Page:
Yesterday, my friend and fellow journalist Bob Powell at Marketwatch published an interview with Ward Pfau, a retirement specialist whose articles I’ve cited in RIJ. “Variable-annuity guarantees disappoint over time,” the headline read.
Perhaps you read the interview online. If you’re in PR at one of the big VA issuers, perhaps your day was spoiled. Or perhaps you felt, when you finished reading, that the content didn’t really make the headline stick.
A young Japan-based academic and CFA who has published papers in the Journal of Financial Planning, Pfau voiced criticisms that were both valid and familiar. Yes, insurance can be expensive. No, it’s not for everybody.
But the story didn’t contain the sockdolager I expected.*
On the contrary, the interviewee praised variable annuities with faint damns. At one point, he even seemed to make a persuasive case for variable annuities for the mass-affuent.
One sentence in particular stuck out: “If you have saved enough that you can meet your retirement spending goals with a low enough withdrawal rate (such as 2% or 3%), then you probably do not have any need to pay the rider fee for the GLWB,” Pfau told Powell.
True. And by that formula, a household would need $1 million after taxes to generate a mere $30,000 a year in retirement. Not very many Americans are on track to retire with a nest egg of that size.
If Pfau meant that anyone with less than $1 million in savings and no pension should consider a variable annuity with a guaranteed lifetime withdrawal benefit, that’s an endorsement, not a condemnation.
Pfau had other benign words for VAs. Asked to name the “pros” of variable annuities, he conceded that they “could help risk-averse retirees to sleep better at night and help them to stay the course with their asset allocation and not engage in panic selling after market declines. GLWBs could also be more helpful for retirees who have limited access to other guaranteed income sources, such as a corporate defined-benefit pension.”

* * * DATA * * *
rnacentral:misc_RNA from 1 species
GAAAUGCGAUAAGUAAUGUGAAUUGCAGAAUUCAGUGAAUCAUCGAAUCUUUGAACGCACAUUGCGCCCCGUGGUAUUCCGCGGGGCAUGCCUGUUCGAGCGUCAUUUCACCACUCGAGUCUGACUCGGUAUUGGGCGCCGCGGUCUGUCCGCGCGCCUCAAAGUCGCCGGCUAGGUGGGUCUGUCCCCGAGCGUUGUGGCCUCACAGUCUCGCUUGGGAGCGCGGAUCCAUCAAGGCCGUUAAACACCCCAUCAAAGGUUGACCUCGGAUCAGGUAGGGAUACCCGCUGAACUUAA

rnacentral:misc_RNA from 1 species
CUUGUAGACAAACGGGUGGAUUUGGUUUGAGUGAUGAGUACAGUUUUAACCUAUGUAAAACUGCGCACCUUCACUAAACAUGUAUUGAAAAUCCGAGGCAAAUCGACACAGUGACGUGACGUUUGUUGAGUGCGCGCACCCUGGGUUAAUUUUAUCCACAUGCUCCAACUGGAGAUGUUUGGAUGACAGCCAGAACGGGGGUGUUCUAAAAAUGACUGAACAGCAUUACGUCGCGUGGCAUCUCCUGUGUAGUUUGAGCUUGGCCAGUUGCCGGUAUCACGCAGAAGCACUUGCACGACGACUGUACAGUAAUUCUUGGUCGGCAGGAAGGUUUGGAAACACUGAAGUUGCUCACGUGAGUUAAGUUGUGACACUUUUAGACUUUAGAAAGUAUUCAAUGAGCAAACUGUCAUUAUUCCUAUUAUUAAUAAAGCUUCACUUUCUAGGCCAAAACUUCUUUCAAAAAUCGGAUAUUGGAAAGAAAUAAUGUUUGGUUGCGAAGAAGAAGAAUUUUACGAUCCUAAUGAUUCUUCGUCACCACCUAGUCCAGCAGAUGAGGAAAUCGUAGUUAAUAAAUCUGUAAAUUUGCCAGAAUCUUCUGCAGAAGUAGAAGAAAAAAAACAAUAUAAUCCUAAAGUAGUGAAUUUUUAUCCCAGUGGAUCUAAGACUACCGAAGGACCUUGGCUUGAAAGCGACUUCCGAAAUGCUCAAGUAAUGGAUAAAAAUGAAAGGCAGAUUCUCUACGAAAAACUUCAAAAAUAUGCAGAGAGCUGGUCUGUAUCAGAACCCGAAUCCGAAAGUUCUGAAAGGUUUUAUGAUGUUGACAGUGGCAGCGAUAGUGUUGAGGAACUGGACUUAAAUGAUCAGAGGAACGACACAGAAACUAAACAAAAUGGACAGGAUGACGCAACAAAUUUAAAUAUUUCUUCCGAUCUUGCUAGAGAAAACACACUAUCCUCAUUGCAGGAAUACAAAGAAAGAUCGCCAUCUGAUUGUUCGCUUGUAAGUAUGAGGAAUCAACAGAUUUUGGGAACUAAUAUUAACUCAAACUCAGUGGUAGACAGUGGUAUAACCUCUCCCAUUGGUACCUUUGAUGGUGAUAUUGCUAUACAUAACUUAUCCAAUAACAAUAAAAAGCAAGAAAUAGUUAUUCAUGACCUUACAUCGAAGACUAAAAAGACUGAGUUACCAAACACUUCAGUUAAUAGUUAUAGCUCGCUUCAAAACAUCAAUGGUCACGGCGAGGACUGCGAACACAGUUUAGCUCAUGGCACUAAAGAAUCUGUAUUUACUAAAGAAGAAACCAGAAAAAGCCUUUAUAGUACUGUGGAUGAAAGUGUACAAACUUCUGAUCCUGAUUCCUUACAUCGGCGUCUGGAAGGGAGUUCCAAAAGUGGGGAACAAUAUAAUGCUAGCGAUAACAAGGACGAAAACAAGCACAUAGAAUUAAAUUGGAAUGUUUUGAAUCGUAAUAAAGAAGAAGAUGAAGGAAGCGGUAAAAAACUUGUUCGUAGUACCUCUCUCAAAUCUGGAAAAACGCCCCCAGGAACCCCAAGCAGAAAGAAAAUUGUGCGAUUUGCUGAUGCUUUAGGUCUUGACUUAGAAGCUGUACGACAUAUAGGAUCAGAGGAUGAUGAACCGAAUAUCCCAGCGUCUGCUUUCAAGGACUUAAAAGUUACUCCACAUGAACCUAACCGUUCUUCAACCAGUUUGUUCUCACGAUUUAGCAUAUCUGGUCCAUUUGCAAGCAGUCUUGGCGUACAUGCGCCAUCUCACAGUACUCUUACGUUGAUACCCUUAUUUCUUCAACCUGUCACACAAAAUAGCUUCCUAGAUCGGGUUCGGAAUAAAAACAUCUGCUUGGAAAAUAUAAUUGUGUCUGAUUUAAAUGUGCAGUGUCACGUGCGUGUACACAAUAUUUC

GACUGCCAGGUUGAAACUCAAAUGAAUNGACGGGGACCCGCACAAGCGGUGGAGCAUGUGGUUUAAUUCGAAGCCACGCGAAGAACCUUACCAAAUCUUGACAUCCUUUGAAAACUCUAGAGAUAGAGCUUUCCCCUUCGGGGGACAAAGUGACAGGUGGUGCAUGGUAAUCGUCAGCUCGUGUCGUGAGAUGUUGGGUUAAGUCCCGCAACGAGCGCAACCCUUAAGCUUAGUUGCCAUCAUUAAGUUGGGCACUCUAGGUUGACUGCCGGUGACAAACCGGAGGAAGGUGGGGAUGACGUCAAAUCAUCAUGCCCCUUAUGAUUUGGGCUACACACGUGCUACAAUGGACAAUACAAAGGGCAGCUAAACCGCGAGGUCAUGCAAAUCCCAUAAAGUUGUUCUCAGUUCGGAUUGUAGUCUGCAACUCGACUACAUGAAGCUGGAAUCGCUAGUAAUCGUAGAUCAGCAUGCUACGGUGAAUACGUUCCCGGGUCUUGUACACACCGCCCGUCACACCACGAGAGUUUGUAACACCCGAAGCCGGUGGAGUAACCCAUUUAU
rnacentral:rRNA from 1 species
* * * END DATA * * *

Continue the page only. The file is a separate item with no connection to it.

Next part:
You could find identical language in a pro-VA story.
But, as I said above, Pfau pointed out valid VA weaknesses. “The guaranteed withdrawals are not inflation-adjusted and the fee structures can be quite complicated and expensive,” he told Powell.
Point taken. To get inflation protection from a GLWB, your account value typically has to post new highs. When the contract owner is withdrawing 5% a year and the issuer is taking another 3% or more, the account value will have a hard time reaching new highs during the life of the contract, no matter how much risk the owner is allowed to take with his or her subaccounts.
In fairness to VAs, however, Pfau might also have mentioned the deferral bonuses that accompany many GLWBs, which can protect people from sequence-of-returns risk—the risk that ill-timed market losses will permanently hobble a retirement portfolio.
Whether people understand sequence risk or not, I’m convinced that they think this value proposition is compelling: Put in $100,000 today, and after 10 years you can pull out at least $10,000 for life, regardless of market performance.
Coincidentally, a friend of mine happened to call me the other night on exactly this topic.
He and his wife are considering a VA that offered such a deal. My friends are successful, fit, PhD-level, self-employed people in their mid-50s who are financially risk-averse. In today’s market, they like the sound of a product that yields a 10% payout from age 65 to whenever. From that angle, fees don’t look so important to them. (My friends are also considering a deferred income annuity; they don’t especially need the liquidity of a VA.)
In the end, Pfau was on irreproachable ground when he told Powell, “You must really decide on a personal level whether you value that protection more than the fees you must pay for that protection.” Many rational people do. Others, equally rational, do not. Go figure.
So, returning to the original question: Do variable-annuity guarantees disappoint over time? Call me in 20 years. I’ll have a definitive answer.
*Sockdolager: Something that settles a matter; a decisive blow or answer; finisher.
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